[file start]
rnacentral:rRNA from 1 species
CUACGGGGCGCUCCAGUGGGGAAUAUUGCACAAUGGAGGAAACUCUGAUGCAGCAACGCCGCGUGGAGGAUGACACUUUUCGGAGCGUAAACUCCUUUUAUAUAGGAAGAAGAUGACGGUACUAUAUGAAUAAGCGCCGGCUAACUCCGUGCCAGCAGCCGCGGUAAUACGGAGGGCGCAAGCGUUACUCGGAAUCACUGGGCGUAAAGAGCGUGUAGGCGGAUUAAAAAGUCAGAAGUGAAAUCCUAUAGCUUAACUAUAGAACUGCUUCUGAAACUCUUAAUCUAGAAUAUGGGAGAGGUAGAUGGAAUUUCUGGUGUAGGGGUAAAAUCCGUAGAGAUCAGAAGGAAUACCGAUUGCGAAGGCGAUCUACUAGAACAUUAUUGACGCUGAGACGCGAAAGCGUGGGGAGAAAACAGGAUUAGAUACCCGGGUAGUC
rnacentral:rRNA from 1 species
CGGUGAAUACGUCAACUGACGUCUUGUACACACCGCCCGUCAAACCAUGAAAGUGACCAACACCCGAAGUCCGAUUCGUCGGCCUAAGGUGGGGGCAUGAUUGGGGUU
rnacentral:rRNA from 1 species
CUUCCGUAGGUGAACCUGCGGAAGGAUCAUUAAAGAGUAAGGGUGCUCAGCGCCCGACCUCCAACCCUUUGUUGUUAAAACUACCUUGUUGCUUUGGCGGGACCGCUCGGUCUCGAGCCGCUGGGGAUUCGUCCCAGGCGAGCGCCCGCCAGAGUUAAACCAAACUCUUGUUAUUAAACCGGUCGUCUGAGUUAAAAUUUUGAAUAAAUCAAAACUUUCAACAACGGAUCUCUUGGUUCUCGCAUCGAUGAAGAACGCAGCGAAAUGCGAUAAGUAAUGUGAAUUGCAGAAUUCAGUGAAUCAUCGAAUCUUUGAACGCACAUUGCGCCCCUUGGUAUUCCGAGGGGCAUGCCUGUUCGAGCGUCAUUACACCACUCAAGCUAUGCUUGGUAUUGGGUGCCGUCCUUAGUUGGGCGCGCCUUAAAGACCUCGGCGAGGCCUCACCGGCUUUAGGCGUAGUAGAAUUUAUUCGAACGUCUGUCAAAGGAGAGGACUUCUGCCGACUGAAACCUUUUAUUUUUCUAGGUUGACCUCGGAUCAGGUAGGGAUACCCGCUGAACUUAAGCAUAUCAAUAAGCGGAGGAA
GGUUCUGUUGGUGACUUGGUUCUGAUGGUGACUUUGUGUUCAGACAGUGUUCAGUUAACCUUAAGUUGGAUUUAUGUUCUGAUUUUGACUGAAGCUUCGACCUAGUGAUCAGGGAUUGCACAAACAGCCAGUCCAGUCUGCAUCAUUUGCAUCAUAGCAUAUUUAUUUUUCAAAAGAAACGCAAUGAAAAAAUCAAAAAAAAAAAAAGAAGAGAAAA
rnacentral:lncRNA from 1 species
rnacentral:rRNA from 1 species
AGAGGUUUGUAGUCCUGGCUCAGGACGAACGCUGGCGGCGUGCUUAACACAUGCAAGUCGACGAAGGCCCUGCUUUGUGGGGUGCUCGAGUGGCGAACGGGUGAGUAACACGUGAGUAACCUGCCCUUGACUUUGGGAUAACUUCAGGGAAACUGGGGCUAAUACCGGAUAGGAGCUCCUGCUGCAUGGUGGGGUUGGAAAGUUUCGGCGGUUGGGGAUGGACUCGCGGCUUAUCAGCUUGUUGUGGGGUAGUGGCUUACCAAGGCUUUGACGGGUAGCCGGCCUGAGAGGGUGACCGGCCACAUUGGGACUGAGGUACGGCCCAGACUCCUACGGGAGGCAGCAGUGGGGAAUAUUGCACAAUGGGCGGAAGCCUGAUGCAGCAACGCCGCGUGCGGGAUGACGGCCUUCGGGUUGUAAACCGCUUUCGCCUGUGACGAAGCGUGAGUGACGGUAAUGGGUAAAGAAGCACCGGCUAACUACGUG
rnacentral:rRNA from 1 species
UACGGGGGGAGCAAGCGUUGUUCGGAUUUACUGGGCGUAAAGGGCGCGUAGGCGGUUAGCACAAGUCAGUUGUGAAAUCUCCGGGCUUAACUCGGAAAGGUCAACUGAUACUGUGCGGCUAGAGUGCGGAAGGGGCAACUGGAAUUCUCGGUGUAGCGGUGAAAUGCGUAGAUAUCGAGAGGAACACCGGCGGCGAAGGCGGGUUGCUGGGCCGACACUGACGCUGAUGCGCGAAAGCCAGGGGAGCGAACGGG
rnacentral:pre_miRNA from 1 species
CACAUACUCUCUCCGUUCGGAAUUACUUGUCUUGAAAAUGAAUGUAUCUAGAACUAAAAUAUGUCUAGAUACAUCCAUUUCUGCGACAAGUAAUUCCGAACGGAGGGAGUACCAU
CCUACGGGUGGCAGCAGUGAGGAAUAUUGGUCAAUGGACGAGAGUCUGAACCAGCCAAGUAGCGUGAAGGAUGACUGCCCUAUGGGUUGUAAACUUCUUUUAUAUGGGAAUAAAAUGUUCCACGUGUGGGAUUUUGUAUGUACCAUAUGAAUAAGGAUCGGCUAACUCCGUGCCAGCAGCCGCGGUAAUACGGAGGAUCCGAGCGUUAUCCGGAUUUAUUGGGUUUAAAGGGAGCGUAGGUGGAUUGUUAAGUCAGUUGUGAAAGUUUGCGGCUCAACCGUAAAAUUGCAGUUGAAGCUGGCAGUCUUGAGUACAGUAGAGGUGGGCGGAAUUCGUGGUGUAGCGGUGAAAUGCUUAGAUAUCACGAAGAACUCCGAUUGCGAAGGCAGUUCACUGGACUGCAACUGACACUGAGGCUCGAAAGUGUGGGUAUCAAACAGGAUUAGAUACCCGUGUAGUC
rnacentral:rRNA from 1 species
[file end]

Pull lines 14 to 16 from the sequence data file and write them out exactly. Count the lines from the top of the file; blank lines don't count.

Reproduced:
CACAUACUCUCUCCGUUCGGAAUUACUUGUCUUGAAAAUGAAUGUAUCUAGAACUAAAAUAUGUCUAGAUACAUCCAUUUCUGCGACAAGUAAUUCCGAACGGAGGGAGUACCAU
CCUACGGGUGGCAGCAGUGAGGAAUAUUGGUCAAUGGACGAGAGUCUGAACCAGCCAAGUAGCGUGAAGGAUGACUGCCCUAUGGGUUGUAAACUUCUUUUAUAUGGGAAUAAAAUGUUCCACGUGUGGGAUUUUGUAUGUACCAUAUGAAUAAGGAUCGGCUAACUCCGUGCCAGCAGCCGCGGUAAUACGGAGGAUCCGAGCGUUAUCCGGAUUUAUUGGGUUUAAAGGGAGCGUAGGUGGAUUGUUAAGUCAGUUGUGAAAGUUUGCGGCUCAACCGUAAAAUUGCAGUUGAAGCUGGCAGUCUUGAGUACAGUAGAGGUGGGCGGAAUUCGUGGUGUAGCGGUGAAAUGCUUAGAUAUCACGAAGAACUCCGAUUGCGAAGGCAGUUCACUGGACUGCAACUGACACUGAGGCUCGAAAGUGUGGGUAUCAAACAGGAUUAGAUACCCGUGUAGUC
rnacentral:rRNA from 1 species